The Comprehensive Immigration Bill now being debated in the U.S. Senate is doomed to fail. We can only hope that it fails to pass in the House, so that its failure as a law will not be inflicted upon America.

We currently have a problem with 10+ million illegal immigrants now living in the United States, but the problem is not that they are illegal, that they lack the proper paperwork. The problem is that some are dangerous, and have slipped in through a porous border. The problem is that we had no control over the type of immigrants that have arrived; too many are unskilled and uneducated to benefit our economy. The problem is that they are not integrated into our employment and tax systems, and are paid “under the table” or have committed identity theft to get employment. The problem is that they overtax our social safety net; despite prohibitions they consume billions of dollars in educational, health care and social benefits.

Democrat supporters of the Senate bill promise that it will address all these problems, but all it is really designed to do is grant papers to illegal immigrants allowing them to remain in the United States. (These are the same people who promised that the Affordable Patient Care Act will make health insurance cheaper, won’t add to the deficit, will produce jobs, won’t force anyone to change their health insurance and will decrease the number of uninsured.) There is a reason why the Democrats insist the bill does this first, and negotiate fixes to the immigration system second: they know that once the aliens are given provisional legal status, all of the measures to correct our immigration system will be completely ineffective. The purpose of this bill is not an effective immigration system; it is to create a perpetual dependent underclass of voters to keep the Democrats in power.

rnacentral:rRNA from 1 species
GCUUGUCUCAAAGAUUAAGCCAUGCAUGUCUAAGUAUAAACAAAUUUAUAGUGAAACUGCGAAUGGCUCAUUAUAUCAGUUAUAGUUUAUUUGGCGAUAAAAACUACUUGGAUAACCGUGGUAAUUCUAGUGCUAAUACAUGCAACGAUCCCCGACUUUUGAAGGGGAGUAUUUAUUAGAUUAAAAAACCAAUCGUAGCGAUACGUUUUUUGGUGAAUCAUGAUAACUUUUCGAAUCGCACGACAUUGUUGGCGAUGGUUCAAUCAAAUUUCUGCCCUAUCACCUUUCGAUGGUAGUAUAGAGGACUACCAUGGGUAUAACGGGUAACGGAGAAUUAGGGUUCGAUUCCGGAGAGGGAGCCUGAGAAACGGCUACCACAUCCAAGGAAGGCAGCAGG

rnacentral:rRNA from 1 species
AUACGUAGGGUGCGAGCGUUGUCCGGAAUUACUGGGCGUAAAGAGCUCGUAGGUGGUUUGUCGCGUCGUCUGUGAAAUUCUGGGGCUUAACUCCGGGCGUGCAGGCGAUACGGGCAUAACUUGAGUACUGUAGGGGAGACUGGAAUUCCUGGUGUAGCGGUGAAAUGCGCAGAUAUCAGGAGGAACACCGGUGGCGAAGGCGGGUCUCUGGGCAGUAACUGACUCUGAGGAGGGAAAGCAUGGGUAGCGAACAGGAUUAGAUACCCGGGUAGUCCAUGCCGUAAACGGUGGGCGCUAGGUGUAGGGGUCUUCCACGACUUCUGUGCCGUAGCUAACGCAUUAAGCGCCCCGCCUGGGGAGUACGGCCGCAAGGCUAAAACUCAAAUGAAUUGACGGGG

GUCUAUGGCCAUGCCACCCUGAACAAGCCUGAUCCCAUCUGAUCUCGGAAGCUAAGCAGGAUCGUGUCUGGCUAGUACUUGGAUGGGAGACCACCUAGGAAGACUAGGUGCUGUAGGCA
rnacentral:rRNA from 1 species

What is needed to fix our immigration system is not a mystery: fence the southern border, implement the E-Verify system, re-vamp the visa system to keep track of those in the county on visas, enact more rational legal immigration policies, streamline the deportation of criminal and undesirable aliens, and restrict social benefits to those not in the country legally.

If the Senate bill passes, millions will flow across the border to take advantage of it, long before a fence can be built; and a visa to enter the United States will be the equivalent of a free pass to stay as long as you like. Criminal aliens will use the new law to evade deportation for years by claiming to apply for the new status. Any non-citizen will effectively have the right to stay here undisturbed for years while “their application is being processed”, even if they never actually applied. This new law would send the clear message to the world – “The US is not serious about controlling immigration, in fact you would probably be better served to slip into the country illegally rather than following the Byzantine legal process.”

As for social benefits, what legal reasoning allows the government to deny schooling, or health care, or welfare, or unemployment, or the Earned Income Credit to individuals that it has permitting to reside within our borders?

There is discussion right now in the Senate over whether the new provisional immigrants will be covered by ObamaCare. If they do, we’ve just added tens of billions of dollars a year to the costs. If not, employers will have incentive to fire Americans and hire the newly legal aliens and avoid the fines/taxes for not providing health insurance.

The debate over “triggers” controlling “a path to citizenship” is meaningless. Our immigration system is badly in need of reform, but if any provisional status is granted before the fixes are in place, it will effectively and permanently end any chance of immigration reform.


[featured image used under Creative Commons license, credit: jonathan mcintosh]